EMBO YOUNG INVESTIGATORS & INSTALLATION GRANTEES
MEET THE SCIENTISTS
In late 2011, EMBO selected 22 researchers to join the EMBO Young Investigator Programme and seven scientists as recipients of EMBO Installation Grants (see page 6). EMBOencounters interviewed some of these talented young scientists about what the benefits of funding mean for their research.
Developmental Biology Institute of Marseilles-Luminy
2011 EMBO Young Investigator Benjamin’s lab is interested in understanding the evolution and development of morphology and behaviour.
What does being selected as an EMBO Young Investigator mean for your research? It is a very pleasant recognition of the work we’re doing by a pres- tigious organization. Being part of the EMBO Young Investigator community is a fantastic oppor- tunity to expand our scientific network. Our research bridges multiple disciplines, relying on different concepts and technical skills. Interacting with other
labs is absolutely key. The Young Investigator community means we can meet and interact with fellow biologists to broaden our horizons.
Koç University, Istanbul
2011 EMBO Installation Grantee Nurhan’s research focuses on the regulation of cell division. Having received an EMBO Installation Grant, she left Harvard Medical School to set up her lab at Koç University, Istanbul.
How do you feel about this opportunity to take your research back to Turkey? Moving back to Turkey and starting a new laboratory are significant challenges and require a lot of effort. Here at Koç University there is a very stimulat- ing scientific environment and our department attracts highly moti- vated and hard-working students. As an independent investigator, I find receiving funds to establish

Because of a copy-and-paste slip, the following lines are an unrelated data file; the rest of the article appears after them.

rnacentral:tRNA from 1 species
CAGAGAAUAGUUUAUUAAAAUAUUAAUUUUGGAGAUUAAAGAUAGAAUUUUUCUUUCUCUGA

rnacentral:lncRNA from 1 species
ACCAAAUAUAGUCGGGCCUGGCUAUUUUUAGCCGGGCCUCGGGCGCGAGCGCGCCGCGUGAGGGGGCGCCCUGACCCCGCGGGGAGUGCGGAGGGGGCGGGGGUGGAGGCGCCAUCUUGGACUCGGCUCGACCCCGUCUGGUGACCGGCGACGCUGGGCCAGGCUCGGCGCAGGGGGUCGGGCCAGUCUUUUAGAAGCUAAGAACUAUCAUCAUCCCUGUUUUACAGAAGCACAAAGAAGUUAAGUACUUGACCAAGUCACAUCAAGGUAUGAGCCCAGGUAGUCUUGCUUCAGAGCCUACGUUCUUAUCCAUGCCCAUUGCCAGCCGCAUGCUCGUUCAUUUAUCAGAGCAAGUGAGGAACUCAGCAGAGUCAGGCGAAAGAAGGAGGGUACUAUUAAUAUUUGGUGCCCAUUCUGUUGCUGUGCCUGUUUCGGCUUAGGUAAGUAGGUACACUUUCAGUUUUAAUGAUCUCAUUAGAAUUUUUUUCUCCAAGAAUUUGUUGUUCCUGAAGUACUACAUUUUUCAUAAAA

a strong research programme in Turkey very rewarding. Living in Istanbul is fun and there is a rich cultural life here.
Max Planck Institute of Biochemistry, Martinsried
2011 EMBO Young Investigator Esben’s group is trying to under- stand the detailed mechanisms of ciliary transport by studying the protein complexes involved in this process.
What does being selected as an EMBO Young Investigator mean for your group? My group has good reason to be proud as the selection was based on the science they have done over the past two and a half years. Additionally, the extra funding provided by EMBO for students
to go to conferences, workshops and do exchange visits with other groups to learn new techniques is very valuable.
University of Cambridge
2011 EMBO Young Investigator Markus’s group investigates the regulatory function of the meta- bolic network and how metabolic intermediates are implicated in the control of biological systems.
What does being selected as an EMBO Young Investigator mean for your group? Science is about communication, but most programmes for young principal investigators do not take this into account. Being part of the EMBO Young Investigator Programme network means
we are better connected, which means broader access to technol- ogy and an exciting exchange of ideas.
Biotech Research and Innovation Centre, Copenhagen
2011 EMBO Young Investigator Anja’s lab aims to identify and characterize novel mechanisms involved in chromatin regulation and understand the implica- tions for epigenetic and genetic stability.
What does being selected as an EMBO Young Investigator mean for you? The Young Investigator Programme is important because it gives visibility to our research and the lab. This is always good because it can result in invitations to speak at international meetings. I hope this visibility will inspire highly motivated and driven young researchers to apply for PhD and postdoctoral positions
in the lab.
For an in-depth interview with Nurhan, listen to the EMBO podcast: www.embo.org/rss/podcast.xml (9:23 minutes)
EMBOencounters | Winter 2011|2012 | firstname.lastname@example.org 7
©IBDML ©Harvard Medical School
©University of Cambridge
©MPI Martinsried ©Pernille Ringsing ApS